Need Reverse Mortgage Insurance if you already have homeowners insurance or mortgage insurance
To understand this issue, we need to see what each insurance policy covers:
- Homeowners insurance
- Mortgage Insurance
- Reverse Mortgage Insurance
What is homeowners insurance coverage for mortgages?
Homeowners insurance adds a clause to the policy naming your lending bank or mortgage provider as the named insured on the policy. The reason for this is that if the house burns or the building is damaged and you still owe money on the mortgage, then the mortgage provider has to get checks on any claims made for repairing that damage to make sure that the building is repaired and rebuilt.
This is to protect the lender interest in the property. Until you pay your mortgage, they still own in the property.
What Mortgage Insurance Covers?
Mortgage Insurance or Private Mortgage Insurance covers the amount of the loan owed on the mortgage loan. You can purchase mortgage insurance through the lender, or you may be able to opt for term life insurance instead. Depending on your situation, an existing life insurance policy with sufficient value to cover your debt should always be reviewed with your financial advisor before you decide about buying more insurance. A financial planner can help you review what your needs are based on your situation.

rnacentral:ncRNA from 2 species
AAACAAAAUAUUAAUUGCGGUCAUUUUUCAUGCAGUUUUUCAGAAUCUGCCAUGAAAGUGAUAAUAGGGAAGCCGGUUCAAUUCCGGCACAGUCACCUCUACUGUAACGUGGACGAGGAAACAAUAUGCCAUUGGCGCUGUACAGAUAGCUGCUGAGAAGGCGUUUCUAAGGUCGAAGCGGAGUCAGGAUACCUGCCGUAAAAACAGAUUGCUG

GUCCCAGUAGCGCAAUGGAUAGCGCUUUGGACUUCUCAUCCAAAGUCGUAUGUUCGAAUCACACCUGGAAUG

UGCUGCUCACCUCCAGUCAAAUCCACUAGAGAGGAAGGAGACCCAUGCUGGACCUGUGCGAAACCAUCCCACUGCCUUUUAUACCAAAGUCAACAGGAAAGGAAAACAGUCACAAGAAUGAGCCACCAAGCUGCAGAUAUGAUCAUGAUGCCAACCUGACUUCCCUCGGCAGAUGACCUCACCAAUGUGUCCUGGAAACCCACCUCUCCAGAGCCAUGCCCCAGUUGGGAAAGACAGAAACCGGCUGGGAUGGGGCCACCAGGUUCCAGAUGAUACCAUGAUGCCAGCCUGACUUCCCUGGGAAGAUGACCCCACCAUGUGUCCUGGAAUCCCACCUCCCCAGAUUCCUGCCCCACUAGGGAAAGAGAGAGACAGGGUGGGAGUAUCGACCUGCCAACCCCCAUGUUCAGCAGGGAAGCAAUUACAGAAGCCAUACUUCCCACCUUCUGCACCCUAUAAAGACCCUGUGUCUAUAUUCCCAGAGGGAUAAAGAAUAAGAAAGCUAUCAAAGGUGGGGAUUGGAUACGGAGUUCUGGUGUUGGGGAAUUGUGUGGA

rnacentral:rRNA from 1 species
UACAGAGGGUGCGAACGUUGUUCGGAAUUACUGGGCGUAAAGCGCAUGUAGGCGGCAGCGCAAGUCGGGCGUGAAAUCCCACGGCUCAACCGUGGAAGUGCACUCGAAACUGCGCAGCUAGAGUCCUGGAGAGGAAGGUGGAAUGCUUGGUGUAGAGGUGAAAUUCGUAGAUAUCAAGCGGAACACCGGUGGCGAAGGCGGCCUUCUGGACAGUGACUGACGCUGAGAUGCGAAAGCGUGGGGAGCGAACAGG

How much money you can get out of a Reverse Mortgage?
One of the factors that determines how much money a homeowner will be able to get out of a reverse mortgage are the fees that the homeowner would have to pay as part of the reverse mortgage.
Reverse mortgage insurance is one of those fees.
Reverse mortgage insurance is a way the lender of the reverse mortgage to make sure they get their full payment back if the equity in the home ends up not being enough to cover what was borrowed in the reverse mortgage arrangement.
Does not have the equity in the Home Enough Guarantee for the Reverse Mortgage Lender?